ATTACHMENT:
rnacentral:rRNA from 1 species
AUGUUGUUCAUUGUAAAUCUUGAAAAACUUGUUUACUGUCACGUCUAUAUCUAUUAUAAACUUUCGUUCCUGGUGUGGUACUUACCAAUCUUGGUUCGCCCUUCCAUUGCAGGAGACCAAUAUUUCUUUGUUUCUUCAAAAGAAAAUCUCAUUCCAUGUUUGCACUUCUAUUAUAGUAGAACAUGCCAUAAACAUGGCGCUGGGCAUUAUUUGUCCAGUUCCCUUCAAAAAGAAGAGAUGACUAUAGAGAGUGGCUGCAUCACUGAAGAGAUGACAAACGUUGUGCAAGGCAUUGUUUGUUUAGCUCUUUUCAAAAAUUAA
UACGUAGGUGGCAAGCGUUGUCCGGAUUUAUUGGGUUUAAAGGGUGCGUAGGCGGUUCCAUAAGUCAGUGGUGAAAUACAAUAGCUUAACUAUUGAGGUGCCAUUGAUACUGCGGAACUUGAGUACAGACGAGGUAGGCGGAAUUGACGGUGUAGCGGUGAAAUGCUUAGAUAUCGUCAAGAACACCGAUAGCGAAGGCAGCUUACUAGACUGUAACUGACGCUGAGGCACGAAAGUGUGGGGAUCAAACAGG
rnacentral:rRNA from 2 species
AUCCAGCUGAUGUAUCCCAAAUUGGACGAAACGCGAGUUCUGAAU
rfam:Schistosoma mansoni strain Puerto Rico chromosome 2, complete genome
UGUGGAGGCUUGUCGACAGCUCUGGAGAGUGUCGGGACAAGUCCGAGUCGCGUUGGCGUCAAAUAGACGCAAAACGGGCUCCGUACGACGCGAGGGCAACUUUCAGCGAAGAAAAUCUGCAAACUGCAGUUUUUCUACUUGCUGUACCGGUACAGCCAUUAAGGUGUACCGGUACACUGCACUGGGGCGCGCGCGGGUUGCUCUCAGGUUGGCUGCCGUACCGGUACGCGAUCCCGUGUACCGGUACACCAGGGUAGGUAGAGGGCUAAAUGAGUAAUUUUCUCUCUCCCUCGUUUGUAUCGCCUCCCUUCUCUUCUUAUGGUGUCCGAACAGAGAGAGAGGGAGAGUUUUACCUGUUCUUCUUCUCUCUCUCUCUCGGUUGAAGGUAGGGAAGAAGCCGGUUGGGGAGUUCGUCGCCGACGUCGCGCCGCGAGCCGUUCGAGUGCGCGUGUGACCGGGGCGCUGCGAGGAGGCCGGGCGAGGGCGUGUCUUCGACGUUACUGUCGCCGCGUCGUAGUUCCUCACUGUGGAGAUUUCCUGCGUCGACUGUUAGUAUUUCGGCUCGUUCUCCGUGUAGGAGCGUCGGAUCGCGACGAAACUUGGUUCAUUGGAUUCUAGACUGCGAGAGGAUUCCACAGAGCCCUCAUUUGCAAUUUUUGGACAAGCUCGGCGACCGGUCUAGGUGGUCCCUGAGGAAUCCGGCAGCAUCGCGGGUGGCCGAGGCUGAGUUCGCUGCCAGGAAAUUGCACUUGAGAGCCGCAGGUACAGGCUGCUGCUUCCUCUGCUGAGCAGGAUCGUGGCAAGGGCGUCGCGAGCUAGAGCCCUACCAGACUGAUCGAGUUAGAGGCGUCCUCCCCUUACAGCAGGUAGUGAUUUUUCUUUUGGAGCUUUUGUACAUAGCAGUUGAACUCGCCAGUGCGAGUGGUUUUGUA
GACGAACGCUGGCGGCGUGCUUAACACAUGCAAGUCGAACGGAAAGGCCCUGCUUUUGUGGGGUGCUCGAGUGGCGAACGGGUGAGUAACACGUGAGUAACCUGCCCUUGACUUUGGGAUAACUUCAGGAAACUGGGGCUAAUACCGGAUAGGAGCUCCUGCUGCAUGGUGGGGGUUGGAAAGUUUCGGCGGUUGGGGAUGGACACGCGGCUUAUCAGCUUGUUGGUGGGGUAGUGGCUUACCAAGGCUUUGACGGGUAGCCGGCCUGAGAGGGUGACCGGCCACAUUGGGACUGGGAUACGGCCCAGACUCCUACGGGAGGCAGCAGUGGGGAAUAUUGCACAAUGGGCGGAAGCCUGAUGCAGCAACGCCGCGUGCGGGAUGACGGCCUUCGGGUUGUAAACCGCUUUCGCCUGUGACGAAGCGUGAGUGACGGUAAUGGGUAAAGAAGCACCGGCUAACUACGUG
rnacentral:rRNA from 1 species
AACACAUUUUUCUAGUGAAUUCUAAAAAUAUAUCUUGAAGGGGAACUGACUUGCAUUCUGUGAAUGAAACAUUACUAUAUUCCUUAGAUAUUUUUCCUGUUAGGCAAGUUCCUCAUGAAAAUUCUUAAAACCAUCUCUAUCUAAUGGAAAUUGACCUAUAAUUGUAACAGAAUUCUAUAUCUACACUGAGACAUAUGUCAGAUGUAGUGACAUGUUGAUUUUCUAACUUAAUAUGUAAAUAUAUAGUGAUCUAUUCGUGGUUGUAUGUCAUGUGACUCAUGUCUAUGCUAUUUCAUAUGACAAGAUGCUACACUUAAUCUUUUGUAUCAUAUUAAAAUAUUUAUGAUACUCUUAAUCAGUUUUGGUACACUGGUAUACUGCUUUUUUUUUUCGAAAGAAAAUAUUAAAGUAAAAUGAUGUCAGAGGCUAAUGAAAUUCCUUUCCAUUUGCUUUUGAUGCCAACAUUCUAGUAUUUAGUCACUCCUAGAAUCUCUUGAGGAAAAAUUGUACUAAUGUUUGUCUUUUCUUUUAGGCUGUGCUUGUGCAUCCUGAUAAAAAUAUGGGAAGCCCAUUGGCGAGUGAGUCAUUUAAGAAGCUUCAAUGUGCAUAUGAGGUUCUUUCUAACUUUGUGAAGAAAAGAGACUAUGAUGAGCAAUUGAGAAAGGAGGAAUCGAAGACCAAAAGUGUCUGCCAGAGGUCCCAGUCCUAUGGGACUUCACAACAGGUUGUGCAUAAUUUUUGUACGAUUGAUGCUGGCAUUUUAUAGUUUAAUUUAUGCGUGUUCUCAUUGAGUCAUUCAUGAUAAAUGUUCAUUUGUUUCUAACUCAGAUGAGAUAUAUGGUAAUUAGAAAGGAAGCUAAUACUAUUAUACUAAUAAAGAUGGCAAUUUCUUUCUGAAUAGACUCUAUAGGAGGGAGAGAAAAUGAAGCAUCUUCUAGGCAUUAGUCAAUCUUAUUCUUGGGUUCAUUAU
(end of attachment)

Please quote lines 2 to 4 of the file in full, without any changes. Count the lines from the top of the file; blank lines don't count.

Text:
AUGUUGUUCAUUGUAAAUCUUGAAAAACUUGUUUACUGUCACGUCUAUAUCUAUUAUAAACUUUCGUUCCUGGUGUGGUACUUACCAAUCUUGGUUCGCCCUUCCAUUGCAGGAGACCAAUAUUUCUUUGUUUCUUCAAAAGAAAAUCUCAUUCCAUGUUUGCACUUCUAUUAUAGUAGAACAUGCCAUAAACAUGGCGCUGGGCAUUAUUUGUCCAGUUCCCUUCAAAAAGAAGAGAUGACUAUAGAGAGUGGCUGCAUCACUGAAGAGAUGACAAACGUUGUGCAAGGCAUUGUUUGUUUAGCUCUUUUCAAAAAUUAA
UACGUAGGUGGCAAGCGUUGUCCGGAUUUAUUGGGUUUAAAGGGUGCGUAGGCGGUUCCAUAAGUCAGUGGUGAAAUACAAUAGCUUAACUAUUGAGGUGCCAUUGAUACUGCGGAACUUGAGUACAGACGAGGUAGGCGGAAUUGACGGUGUAGCGGUGAAAUGCUUAGAUAUCGUCAAGAACACCGAUAGCGAAGGCAGCUUACUAGACUGUAACUGACGCUGAGGCACGAAAGUGUGGGGAUCAAACAGG
rnacentral:rRNA from 2 species